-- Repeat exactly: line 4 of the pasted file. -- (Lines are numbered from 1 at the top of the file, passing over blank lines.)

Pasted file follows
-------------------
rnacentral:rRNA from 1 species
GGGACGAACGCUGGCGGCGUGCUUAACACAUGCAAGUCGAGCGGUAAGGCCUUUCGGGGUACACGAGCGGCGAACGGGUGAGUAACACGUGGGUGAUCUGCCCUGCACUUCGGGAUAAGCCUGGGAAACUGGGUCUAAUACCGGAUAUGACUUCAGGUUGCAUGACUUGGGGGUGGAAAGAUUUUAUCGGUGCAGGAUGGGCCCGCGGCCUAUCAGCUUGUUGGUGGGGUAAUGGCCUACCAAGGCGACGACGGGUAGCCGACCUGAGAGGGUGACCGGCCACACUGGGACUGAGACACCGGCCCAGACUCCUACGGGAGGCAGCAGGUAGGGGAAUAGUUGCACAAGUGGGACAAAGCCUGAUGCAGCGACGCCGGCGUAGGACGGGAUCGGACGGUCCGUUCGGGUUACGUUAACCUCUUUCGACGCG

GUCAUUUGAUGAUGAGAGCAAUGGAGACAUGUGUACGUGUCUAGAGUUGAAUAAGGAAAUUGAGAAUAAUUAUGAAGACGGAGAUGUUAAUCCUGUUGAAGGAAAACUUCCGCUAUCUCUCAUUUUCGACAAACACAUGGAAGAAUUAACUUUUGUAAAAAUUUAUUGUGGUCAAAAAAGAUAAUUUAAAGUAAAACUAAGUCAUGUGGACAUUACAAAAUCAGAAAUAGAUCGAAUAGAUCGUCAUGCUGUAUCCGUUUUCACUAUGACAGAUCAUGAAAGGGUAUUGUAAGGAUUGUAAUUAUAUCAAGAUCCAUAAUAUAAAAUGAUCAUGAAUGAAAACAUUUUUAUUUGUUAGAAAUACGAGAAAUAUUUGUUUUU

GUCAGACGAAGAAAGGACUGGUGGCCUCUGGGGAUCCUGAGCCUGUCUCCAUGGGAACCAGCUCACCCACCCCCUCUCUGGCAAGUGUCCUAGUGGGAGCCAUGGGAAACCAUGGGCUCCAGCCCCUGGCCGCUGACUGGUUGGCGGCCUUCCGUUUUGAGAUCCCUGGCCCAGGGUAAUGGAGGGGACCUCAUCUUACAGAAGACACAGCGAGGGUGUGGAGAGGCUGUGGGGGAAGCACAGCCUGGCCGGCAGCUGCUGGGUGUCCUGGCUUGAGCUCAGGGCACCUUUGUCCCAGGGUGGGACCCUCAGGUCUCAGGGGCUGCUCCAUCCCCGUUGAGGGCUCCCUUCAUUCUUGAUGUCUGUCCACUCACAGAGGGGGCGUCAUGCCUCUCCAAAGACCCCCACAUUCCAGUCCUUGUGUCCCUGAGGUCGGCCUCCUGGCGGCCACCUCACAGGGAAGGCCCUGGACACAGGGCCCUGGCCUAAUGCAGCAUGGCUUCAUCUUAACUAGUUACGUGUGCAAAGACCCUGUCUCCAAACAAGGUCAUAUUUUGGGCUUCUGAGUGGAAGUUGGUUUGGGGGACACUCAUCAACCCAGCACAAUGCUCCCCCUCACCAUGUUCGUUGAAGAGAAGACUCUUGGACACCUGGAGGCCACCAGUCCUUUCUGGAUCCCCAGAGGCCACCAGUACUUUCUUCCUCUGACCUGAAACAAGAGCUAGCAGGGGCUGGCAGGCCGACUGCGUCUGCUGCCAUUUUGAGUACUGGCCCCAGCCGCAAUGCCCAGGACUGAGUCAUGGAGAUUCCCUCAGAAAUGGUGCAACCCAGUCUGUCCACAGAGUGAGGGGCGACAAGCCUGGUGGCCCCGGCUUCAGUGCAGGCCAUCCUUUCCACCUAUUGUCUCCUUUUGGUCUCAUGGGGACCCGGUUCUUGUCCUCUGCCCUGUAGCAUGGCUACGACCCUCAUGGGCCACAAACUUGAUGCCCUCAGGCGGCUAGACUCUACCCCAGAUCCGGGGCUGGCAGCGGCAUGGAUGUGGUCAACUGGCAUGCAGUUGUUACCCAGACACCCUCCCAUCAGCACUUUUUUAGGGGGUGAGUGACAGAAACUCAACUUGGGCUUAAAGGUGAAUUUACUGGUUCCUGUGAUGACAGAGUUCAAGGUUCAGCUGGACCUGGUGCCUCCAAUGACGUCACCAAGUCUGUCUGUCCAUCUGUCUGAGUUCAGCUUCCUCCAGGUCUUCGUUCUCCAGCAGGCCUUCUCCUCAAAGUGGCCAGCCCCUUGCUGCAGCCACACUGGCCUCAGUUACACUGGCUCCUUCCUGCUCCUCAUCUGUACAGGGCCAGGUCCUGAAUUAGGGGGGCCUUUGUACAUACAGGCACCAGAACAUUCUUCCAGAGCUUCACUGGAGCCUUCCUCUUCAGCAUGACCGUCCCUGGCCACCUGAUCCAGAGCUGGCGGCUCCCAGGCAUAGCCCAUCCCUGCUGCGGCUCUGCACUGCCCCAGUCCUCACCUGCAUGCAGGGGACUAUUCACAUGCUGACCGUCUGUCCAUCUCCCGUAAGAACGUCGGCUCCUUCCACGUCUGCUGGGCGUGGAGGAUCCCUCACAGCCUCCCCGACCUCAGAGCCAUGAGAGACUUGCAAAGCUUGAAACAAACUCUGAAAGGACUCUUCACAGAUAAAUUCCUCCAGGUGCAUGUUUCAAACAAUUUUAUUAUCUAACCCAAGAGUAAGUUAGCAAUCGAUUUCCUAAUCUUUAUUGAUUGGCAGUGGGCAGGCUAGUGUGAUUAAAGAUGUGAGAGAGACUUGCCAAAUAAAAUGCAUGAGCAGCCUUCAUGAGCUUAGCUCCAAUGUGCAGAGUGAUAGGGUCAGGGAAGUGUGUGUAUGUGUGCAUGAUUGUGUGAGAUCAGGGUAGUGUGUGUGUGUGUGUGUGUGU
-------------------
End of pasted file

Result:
GUCAGACGAAGAAAGGACUGGUGGCCUCUGGGGAUCCUGAGCCUGUCUCCAUGGGAACCAGCUCACCCACCCCCUCUCUGGCAAGUGUCCUAGUGGGAGCCAUGGGAAACCAUGGGCUCCAGCCCCUGGCCGCUGACUGGUUGGCGGCCUUCCGUUUUGAGAUCCCUGGCCCAGGGUAAUGGAGGGGACCUCAUCUUACAGAAGACACAGCGAGGGUGUGGAGAGGCUGUGGGGGAAGCACAGCCUGGCCGGCAGCUGCUGGGUGUCCUGGCUUGAGCUCAGGGCACCUUUGUCCCAGGGUGGGACCCUCAGGUCUCAGGGGCUGCUCCAUCCCCGUUGAGGGCUCCCUUCAUUCUUGAUGUCUGUCCACUCACAGAGGGGGCGUCAUGCCUCUCCAAAGACCCCCACAUUCCAGUCCUUGUGUCCCUGAGGUCGGCCUCCUGGCGGCCACCUCACAGGGAAGGCCCUGGACACAGGGCCCUGGCCUAAUGCAGCAUGGCUUCAUCUUAACUAGUUACGUGUGCAAAGACCCUGUCUCCAAACAAGGUCAUAUUUUGGGCUUCUGAGUGGAAGUUGGUUUGGGGGACACUCAUCAACCCAGCACAAUGCUCCCCCUCACCAUGUUCGUUGAAGAGAAGACUCUUGGACACCUGGAGGCCACCAGUCCUUUCUGGAUCCCCAGAGGCCACCAGUACUUUCUUCCUCUGACCUGAAACAAGAGCUAGCAGGGGCUGGCAGGCCGACUGCGUCUGCUGCCAUUUUGAGUACUGGCCCCAGCCGCAAUGCCCAGGACUGAGUCAUGGAGAUUCCCUCAGAAAUGGUGCAACCCAGUCUGUCCACAGAGUGAGGGGCGACAAGCCUGGUGGCCCCGGCUUCAGUGCAGGCCAUCCUUUCCACCUAUUGUCUCCUUUUGGUCUCAUGGGGACCCGGUUCUUGUCCUCUGCCCUGUAGCAUGGCUACGACCCUCAUGGGCCACAAACUUGAUGCCCUCAGGCGGCUAGACUCUACCCCAGAUCCGGGGCUGGCAGCGGCAUGGAUGUGGUCAACUGGCAUGCAGUUGUUACCCAGACACCCUCCCAUCAGCACUUUUUUAGGGGGUGAGUGACAGAAACUCAACUUGGGCUUAAAGGUGAAUUUACUGGUUCCUGUGAUGACAGAGUUCAAGGUUCAGCUGGACCUGGUGCCUCCAAUGACGUCACCAAGUCUGUCUGUCCAUCUGUCUGAGUUCAGCUUCCUCCAGGUCUUCGUUCUCCAGCAGGCCUUCUCCUCAAAGUGGCCAGCCCCUUGCUGCAGCCACACUGGCCUCAGUUACACUGGCUCCUUCCUGCUCCUCAUCUGUACAGGGCCAGGUCCUGAAUUAGGGGGGCCUUUGUACAUACAGGCACCAGAACAUUCUUCCAGAGCUUCACUGGAGCCUUCCUCUUCAGCAUGACCGUCCCUGGCCACCUGAUCCAGAGCUGGCGGCUCCCAGGCAUAGCCCAUCCCUGCUGCGGCUCUGCACUGCCCCAGUCCUCACCUGCAUGCAGGGGACUAUUCACAUGCUGACCGUCUGUCCAUCUCCCGUAAGAACGUCGGCUCCUUCCACGUCUGCUGGGCGUGGAGGAUCCCUCACAGCCUCCCCGACCUCAGAGCCAUGAGAGACUUGCAAAGCUUGAAACAAACUCUGAAAGGACUCUUCACAGAUAAAUUCCUCCAGGUGCAUGUUUCAAACAAUUUUAUUAUCUAACCCAAGAGUAAGUUAGCAAUCGAUUUCCUAAUCUUUAUUGAUUGGCAGUGGGCAGGCUAGUGUGAUUAAAGAUGUGAGAGAGACUUGCCAAAUAAAAUGCAUGAGCAGCCUUCAUGAGCUUAGCUCCAAUGUGCAGAGUGAUAGGGUCAGGGAAGUGUGUGUAUGUGUGCAUGAUUGUGUGAGAUCAGGGUAGUGUGUGUGUGUGUGUGUGUGU